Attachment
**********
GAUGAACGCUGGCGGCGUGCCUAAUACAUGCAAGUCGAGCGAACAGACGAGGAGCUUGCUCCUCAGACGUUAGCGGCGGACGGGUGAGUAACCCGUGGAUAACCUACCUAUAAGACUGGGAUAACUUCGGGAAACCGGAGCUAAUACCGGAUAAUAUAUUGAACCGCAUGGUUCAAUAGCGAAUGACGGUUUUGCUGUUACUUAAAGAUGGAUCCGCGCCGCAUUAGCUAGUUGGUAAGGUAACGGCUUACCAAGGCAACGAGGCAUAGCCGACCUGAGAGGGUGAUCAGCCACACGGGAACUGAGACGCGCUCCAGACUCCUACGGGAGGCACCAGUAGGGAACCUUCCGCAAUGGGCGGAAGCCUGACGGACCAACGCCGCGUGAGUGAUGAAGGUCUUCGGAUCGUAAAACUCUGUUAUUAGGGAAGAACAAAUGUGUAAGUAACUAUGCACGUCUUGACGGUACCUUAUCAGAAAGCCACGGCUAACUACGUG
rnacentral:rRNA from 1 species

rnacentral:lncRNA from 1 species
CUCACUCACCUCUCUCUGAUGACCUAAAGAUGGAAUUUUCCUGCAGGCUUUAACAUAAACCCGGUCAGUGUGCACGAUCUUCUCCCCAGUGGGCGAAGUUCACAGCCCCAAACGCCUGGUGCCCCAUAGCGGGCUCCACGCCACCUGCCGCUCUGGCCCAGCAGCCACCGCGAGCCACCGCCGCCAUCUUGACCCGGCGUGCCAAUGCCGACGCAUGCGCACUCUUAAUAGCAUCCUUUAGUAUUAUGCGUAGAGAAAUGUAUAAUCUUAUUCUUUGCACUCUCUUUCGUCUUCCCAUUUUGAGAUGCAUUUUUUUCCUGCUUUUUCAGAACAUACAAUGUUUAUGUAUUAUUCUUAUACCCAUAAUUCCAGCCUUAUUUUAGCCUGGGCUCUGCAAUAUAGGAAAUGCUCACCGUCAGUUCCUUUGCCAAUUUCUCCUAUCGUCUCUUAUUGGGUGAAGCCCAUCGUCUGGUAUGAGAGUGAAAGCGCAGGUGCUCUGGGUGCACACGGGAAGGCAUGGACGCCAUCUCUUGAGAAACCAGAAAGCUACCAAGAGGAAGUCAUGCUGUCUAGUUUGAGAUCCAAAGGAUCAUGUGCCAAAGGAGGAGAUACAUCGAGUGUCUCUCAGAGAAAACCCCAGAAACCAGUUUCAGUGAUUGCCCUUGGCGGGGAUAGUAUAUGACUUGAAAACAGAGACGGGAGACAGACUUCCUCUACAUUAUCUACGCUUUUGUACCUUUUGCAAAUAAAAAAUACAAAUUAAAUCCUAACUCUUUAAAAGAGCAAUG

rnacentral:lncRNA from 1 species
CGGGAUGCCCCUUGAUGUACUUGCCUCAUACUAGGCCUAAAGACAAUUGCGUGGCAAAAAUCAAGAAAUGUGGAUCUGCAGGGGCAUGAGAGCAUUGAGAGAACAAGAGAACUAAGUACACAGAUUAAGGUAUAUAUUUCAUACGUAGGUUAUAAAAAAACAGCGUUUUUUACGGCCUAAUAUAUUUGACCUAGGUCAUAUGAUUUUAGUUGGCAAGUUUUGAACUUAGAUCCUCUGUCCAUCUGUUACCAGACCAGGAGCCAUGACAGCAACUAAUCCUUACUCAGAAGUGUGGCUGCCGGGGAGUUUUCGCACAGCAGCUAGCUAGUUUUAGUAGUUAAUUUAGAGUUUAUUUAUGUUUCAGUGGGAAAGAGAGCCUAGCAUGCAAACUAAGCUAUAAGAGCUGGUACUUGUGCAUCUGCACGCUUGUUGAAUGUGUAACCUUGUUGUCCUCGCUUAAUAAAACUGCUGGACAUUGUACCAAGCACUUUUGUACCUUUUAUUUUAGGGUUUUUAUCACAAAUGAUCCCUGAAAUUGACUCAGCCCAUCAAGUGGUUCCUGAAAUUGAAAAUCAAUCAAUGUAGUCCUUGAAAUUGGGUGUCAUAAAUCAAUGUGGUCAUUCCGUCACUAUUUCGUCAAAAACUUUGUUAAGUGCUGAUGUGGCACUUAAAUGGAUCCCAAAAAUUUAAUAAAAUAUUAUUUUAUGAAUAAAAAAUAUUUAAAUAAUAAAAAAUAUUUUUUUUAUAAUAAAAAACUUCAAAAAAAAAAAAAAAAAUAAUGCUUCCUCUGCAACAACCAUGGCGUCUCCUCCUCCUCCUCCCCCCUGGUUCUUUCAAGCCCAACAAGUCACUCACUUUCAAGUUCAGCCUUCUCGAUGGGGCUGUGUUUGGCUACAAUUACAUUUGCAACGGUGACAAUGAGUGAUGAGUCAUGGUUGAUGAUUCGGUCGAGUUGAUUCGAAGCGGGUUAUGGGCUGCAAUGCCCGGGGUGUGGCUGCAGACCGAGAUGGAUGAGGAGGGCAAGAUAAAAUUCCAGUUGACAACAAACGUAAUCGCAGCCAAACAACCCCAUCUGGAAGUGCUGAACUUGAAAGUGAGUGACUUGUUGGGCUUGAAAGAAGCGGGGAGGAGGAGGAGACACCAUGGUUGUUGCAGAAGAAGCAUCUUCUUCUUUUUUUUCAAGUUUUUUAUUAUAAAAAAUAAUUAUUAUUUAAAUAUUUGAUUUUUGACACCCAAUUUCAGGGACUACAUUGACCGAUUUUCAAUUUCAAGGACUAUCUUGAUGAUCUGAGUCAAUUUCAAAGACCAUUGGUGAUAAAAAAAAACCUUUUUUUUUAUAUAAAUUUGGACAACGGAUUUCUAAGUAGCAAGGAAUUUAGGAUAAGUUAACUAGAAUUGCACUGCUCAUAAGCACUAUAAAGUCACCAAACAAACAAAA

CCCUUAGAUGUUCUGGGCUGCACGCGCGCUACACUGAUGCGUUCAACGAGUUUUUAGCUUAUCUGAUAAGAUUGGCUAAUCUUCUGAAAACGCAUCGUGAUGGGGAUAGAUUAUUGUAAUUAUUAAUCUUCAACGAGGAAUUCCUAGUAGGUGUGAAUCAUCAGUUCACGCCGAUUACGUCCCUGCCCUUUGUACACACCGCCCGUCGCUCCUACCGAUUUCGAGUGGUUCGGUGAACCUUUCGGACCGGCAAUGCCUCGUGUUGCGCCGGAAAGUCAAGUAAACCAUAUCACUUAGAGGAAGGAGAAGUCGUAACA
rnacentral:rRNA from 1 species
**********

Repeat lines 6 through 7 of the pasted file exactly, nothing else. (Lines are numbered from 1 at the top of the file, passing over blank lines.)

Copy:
CGGGAUGCCCCUUGAUGUACUUGCCUCAUACUAGGCCUAAAGACAAUUGCGUGGCAAAAAUCAAGAAAUGUGGAUCUGCAGGGGCAUGAGAGCAUUGAGAGAACAAGAGAACUAAGUACACAGAUUAAGGUAUAUAUUUCAUACGUAGGUUAUAAAAAAACAGCGUUUUUUACGGCCUAAUAUAUUUGACCUAGGUCAUAUGAUUUUAGUUGGCAAGUUUUGAACUUAGAUCCUCUGUCCAUCUGUUACCAGACCAGGAGCCAUGACAGCAACUAAUCCUUACUCAGAAGUGUGGCUGCCGGGGAGUUUUCGCACAGCAGCUAGCUAGUUUUAGUAGUUAAUUUAGAGUUUAUUUAUGUUUCAGUGGGAAAGAGAGCCUAGCAUGCAAACUAAGCUAUAAGAGCUGGUACUUGUGCAUCUGCACGCUUGUUGAAUGUGUAACCUUGUUGUCCUCGCUUAAUAAAACUGCUGGACAUUGUACCAAGCACUUUUGUACCUUUUAUUUUAGGGUUUUUAUCACAAAUGAUCCCUGAAAUUGACUCAGCCCAUCAAGUGGUUCCUGAAAUUGAAAAUCAAUCAAUGUAGUCCUUGAAAUUGGGUGUCAUAAAUCAAUGUGGUCAUUCCGUCACUAUUUCGUCAAAAACUUUGUUAAGUGCUGAUGUGGCACUUAAAUGGAUCCCAAAAAUUUAAUAAAAUAUUAUUUUAUGAAUAAAAAAUAUUUAAAUAAUAAAAAAUAUUUUUUUUAUAAUAAAAAACUUCAAAAAAAAAAAAAAAAAUAAUGCUUCCUCUGCAACAACCAUGGCGUCUCCUCCUCCUCCUCCCCCCUGGUUCUUUCAAGCCCAACAAGUCACUCACUUUCAAGUUCAGCCUUCUCGAUGGGGCUGUGUUUGGCUACAAUUACAUUUGCAACGGUGACAAUGAGUGAUGAGUCAUGGUUGAUGAUUCGGUCGAGUUGAUUCGAAGCGGGUUAUGGGCUGCAAUGCCCGGGGUGUGGCUGCAGACCGAGAUGGAUGAGGAGGGCAAGAUAAAAUUCCAGUUGACAACAAACGUAAUCGCAGCCAAACAACCCCAUCUGGAAGUGCUGAACUUGAAAGUGAGUGACUUGUUGGGCUUGAAAGAAGCGGGGAGGAGGAGGAGACACCAUGGUUGUUGCAGAAGAAGCAUCUUCUUCUUUUUUUUCAAGUUUUUUAUUAUAAAAAAUAAUUAUUAUUUAAAUAUUUGAUUUUUGACACCCAAUUUCAGGGACUACAUUGACCGAUUUUCAAUUUCAAGGACUAUCUUGAUGAUCUGAGUCAAUUUCAAAGACCAUUGGUGAUAAAAAAAAACCUUUUUUUUUAUAUAAAUUUGGACAACGGAUUUCUAAGUAGCAAGGAAUUUAGGAUAAGUUAACUAGAAUUGCACUGCUCAUAAGCACUAUAAAGUCACCAAACAAACAAAA

CCCUUAGAUGUUCUGGGCUGCACGCGCGCUACACUGAUGCGUUCAACGAGUUUUUAGCUUAUCUGAUAAGAUUGGCUAAUCUUCUGAAAACGCAUCGUGAUGGGGAUAGAUUAUUGUAAUUAUUAAUCUUCAACGAGGAAUUCCUAGUAGGUGUGAAUCAUCAGUUCACGCCGAUUACGUCCCUGCCCUUUGUACACACCGCCCGUCGCUCCUACCGAUUUCGAGUGGUUCGGUGAACCUUUCGGACCGGCAAUGCCUCGUGUUGCGCCGGAAAGUCAAGUAAACCAUAUCACUUAGAGGAAGGAGAAGUCGUAACA